Shenandoah: A pauseless GC for OpenJDK

It’s been quite a while that I did not post anything. The reason is that I was busy with a very interesting new project in the last weeks, Shenandoah, a new GC for OpenJDK. Christine, a collegue of mine in Red Hat’s Java team, set out to build a next generation garbage collector for OpenJDK. I jumped into this project a while ago, and I’m very excited about it.

I guess I will not go into technical details in this post, but instead outline a few of the problems of existing garbage collectors, and Shenandoah’s goals and some highlevel ideas how to achieve them.

  • Pause times: this problem existed since the invention of GCs, and hasn’t been fully solved since then. The good old stop-the-world garbage collection is probably still in everybody Java programmers mind. Nowadays we have more modern garbage collectors, and most of them drastically reduce pause times, but nevertheless, pause times still exist, be it for evacuation of regions, for book keeping of references, etc. Shenandoah aims to reduce pause times even more. Realistically speaking, there will still be pause times, but we aim to minimize them as much as possible. Our goal is to reduce them to less than 10ms per GC cycle.
  • Scalability. The larger the heap gets, and the more processors/threads are working, the more garbage is produced. This means more work for the garbage collector to find and free all this garbage. In other words, the garbage collector needs to be able to keep up with ever-growing memory demands and processor capability. We are shooting for TB-sized heaps.

The idea now is that, in order to reduce pause times, the GC needs to do as much work as possible concurrently to mutator threads (mutators are all threads that modify the heap, i.e. the actual application running). In order to be scalable, the GC needs to be able to utilize that ever-growing processing power by doing as much work as possible using multiple threads in parallel. (Notice that the terminology is a bit confusing here. In the Java GC world, ‘concurrent’ often means ‘concurrently with mutators’ while ‘parallel’ means ‘using parallel worker threads to do GC work’).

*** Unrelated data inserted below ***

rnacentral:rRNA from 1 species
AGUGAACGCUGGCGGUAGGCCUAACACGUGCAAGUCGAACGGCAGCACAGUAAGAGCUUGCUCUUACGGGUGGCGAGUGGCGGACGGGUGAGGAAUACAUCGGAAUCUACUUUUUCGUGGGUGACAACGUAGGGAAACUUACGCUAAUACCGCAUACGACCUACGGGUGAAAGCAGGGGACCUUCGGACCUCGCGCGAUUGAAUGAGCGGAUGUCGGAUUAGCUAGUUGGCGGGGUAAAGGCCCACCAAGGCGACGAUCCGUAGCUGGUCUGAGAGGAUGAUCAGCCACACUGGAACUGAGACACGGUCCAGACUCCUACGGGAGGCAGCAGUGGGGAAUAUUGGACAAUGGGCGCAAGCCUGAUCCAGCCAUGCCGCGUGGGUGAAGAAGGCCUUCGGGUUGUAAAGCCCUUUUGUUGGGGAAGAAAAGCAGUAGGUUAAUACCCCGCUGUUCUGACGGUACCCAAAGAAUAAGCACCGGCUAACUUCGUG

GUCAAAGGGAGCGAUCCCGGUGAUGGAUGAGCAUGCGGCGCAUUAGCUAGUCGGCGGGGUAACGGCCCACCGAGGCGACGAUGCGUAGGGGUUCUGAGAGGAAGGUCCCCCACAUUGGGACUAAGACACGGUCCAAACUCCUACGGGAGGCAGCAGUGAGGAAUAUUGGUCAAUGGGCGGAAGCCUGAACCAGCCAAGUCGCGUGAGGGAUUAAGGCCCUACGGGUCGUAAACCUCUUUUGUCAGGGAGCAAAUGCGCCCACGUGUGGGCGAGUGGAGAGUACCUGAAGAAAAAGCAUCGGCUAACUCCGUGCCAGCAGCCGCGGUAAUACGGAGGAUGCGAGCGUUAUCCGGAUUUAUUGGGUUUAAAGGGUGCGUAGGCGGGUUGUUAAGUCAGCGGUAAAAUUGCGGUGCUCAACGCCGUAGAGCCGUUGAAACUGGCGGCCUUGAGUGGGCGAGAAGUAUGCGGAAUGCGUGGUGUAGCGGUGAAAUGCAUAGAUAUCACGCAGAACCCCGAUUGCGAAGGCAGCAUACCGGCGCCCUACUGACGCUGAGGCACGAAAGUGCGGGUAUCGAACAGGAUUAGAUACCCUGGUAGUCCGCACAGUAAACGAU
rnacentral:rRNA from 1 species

While that sounds conceptually simple, I can tell you it’s not. Boy, are there a lot of hairy issues to resolve here. I think I will explain the ideas one blog post at a time here. Stay tuned!


The last couple of years, I had to pass FOSDEM, for various reasons. I am very very happy that I finally sorted things out for this years FOSDEM, and I’m ready to go (hotel and trains booked). I will do a presentation about my Shark & Zero work on Saturday afternoon, and co-present Thermostat with Mario on Sunday noon, both in the Java dev room.

FOSDEM is one of those rare events in my life about which I can say that it had a very significant impact. I wouldn’t be where I am today, if I hadn’t attended it a few years ago. I am very happy that I can finally go there again, and meet lots of old and new friends and collegues. See you there, and cheers!

Quick Cacio-Web howto

Today we released Caciocavallo 1.3. The release announcement can be found here.

However, what is the more important news is that after the release, I fixed Cacio-Web to work with the latest Cacio build and enabled it in the default build so it doesn’t fall to the wayside again. On popular request I would like to summarize how to get Cacio-Web running. Note that this currently only works on Linux (patches to enable this on other platforms are welcome!)

First of all, check out the source code (the cacio-web changes are not yet released):

hg clone caciocavallo

Then build it (you need Maven!):

cd caciocavallo
mvn clean install

And finally you should be able to run with with something like this:

java -Dcacio.web.port=9091 -cp cacio-web/target/cacio-web-1.4-SNAPSHOT-jar-with-dependencies.jar:/home/rkennke/src/test/SwingSet2.jar

The -Dcacio.web.port parameter specifies on which port should Cacio-Web listen. Notice that the classpath needs to include your application (SwingSet2.jar in this case).

Then point your browser to a URL like this: